This bulletin was recently sent by the California Department of Insurance:
SACRAMENTO – As college students head back to school this fall, Commissioner Poizner urges them to do their homework in researching their insurance options. Students and parents should make sure not to overlook the issue of insurance in their back-to-school preparations.
“Going to college can be an exhilarating, anxious and expensive process,” said Commissioner Poizner. “College costs are high enough. Parents don’t need the added expenses that can result from inadequate coverage of their children. I urge parents to carefully review all their insurance policies to determine exactly what is — and is not — covered for their college-bound children.”
Commissioner Poizner offered the following insurance tips for college-aged adults:
In many cases, full-time college students are covered under their parents’ health insurance plans until they graduate or reach 23 years of age.
Students who are insured under their parents’ policies should make sure campus health facilities and local doctors and hospitals accept theirfamily’s insurance coverage.
If not, it may be advisable for a student to purchase an insurance plan through his or her school, or research additional insurance options.
Many students own computers, TVs, MP3 players, DVDs, and other valuables that could be stolen or destroyed in a fire or natural disaster.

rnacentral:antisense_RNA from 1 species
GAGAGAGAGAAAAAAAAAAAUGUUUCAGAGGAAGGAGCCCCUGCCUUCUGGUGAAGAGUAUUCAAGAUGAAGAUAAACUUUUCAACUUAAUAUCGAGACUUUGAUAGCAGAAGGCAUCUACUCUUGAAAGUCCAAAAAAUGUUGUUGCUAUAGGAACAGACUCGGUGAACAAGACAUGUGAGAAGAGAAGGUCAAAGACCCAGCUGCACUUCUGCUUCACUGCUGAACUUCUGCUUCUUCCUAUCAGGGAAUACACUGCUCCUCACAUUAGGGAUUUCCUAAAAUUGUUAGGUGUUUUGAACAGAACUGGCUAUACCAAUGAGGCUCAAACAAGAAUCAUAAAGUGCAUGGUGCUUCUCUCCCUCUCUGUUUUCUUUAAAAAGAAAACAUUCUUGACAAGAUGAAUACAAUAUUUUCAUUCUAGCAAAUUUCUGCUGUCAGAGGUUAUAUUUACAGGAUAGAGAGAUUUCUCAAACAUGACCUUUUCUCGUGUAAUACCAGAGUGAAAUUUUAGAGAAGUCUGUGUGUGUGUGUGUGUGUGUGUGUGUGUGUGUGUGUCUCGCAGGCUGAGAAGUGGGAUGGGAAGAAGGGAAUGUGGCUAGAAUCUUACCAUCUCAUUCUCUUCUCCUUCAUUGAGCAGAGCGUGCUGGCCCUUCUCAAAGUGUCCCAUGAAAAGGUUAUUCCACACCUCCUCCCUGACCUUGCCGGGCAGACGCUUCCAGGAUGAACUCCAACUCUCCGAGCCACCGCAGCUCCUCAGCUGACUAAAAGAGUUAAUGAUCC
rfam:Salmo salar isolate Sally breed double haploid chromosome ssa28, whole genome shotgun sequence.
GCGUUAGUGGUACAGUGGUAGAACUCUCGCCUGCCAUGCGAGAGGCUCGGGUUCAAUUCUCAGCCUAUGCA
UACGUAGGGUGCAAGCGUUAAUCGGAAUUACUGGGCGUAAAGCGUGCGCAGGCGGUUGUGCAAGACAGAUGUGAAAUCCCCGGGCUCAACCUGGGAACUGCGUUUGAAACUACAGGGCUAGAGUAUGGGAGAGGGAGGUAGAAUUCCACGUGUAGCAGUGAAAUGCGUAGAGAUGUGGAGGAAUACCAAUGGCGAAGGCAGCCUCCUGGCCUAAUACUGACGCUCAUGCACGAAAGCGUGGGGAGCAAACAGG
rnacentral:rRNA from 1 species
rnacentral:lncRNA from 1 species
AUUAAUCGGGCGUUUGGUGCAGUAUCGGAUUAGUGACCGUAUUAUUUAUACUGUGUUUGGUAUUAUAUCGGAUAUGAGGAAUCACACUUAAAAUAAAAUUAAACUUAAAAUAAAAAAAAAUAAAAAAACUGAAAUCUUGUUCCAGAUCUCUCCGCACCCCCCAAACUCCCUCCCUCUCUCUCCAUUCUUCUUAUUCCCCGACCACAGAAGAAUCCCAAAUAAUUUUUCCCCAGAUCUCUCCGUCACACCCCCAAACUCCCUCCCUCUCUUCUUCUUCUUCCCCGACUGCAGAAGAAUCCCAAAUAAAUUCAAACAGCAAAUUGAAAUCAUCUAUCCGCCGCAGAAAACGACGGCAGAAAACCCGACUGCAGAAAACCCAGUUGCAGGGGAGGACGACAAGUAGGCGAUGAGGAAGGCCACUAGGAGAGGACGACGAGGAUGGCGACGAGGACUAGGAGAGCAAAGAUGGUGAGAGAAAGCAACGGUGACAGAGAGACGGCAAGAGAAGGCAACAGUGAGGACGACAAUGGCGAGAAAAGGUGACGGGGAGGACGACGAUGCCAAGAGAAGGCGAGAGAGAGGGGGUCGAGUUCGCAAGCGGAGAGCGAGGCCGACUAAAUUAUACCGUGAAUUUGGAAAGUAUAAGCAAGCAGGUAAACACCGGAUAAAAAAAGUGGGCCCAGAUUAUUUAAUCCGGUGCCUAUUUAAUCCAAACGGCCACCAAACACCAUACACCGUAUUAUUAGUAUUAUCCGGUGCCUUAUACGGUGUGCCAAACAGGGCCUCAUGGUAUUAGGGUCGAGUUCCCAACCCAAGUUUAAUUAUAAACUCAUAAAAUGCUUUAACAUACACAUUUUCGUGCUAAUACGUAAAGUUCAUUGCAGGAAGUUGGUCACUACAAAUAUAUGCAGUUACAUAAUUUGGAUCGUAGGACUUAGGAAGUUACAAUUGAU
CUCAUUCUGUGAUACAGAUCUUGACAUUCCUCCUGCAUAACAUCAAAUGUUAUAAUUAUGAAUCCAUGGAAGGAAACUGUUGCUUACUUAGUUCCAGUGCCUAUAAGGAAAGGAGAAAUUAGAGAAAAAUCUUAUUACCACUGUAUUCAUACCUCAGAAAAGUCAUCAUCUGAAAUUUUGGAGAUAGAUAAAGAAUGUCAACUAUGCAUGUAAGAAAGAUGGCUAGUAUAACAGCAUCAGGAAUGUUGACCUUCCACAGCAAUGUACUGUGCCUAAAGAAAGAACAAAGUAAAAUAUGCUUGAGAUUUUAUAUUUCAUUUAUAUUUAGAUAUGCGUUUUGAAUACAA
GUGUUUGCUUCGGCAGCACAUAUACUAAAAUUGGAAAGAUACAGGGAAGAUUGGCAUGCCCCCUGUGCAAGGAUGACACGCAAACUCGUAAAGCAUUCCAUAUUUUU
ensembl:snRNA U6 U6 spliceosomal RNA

More than $4 million in personal property was reported stolen to University of California police departments, and more than $5 million in personal property was reported stolen to California State University police departments in 2006.
Colleges and landlords typically do not pay for the loss of personal property. Parents should check their homeowners policies to see what is covered for their students.
If a student will be using the family vehicle when visiting home, parents should make sure the child is listed by name on the family’s auto insurance policy.
Notify your auto insurance company each semester if a student maintains good grades, which may help lower premiums.
Students who do not have auto insurance through their parents’ policies should ask themselves, do I have financial resources to pay for an accident if I am at fault? What would I do if my car was stolen? Would I be able to purchase another vehicle?
California drivers between the ages of 18-24 were involved in nearly 200,000 accidents in 2006.
Auto insurance can be expensive, especially for students. But driving without liability coverage is illegal.
Fortunately, there is an affordable option for eligible college students.
The California Low Cost Automobile Insurance Program offers low-cost automobile liability insurance to good drivers who meet eligibility criteria.
In Sacramento, drivers can be insured for $378 per year. Medical coverage and uninsured motorist bodily injury coverage are also available through this program at additional costs. For more information about this program, visit the Department of Insurance website at www.insurance.ca.gov.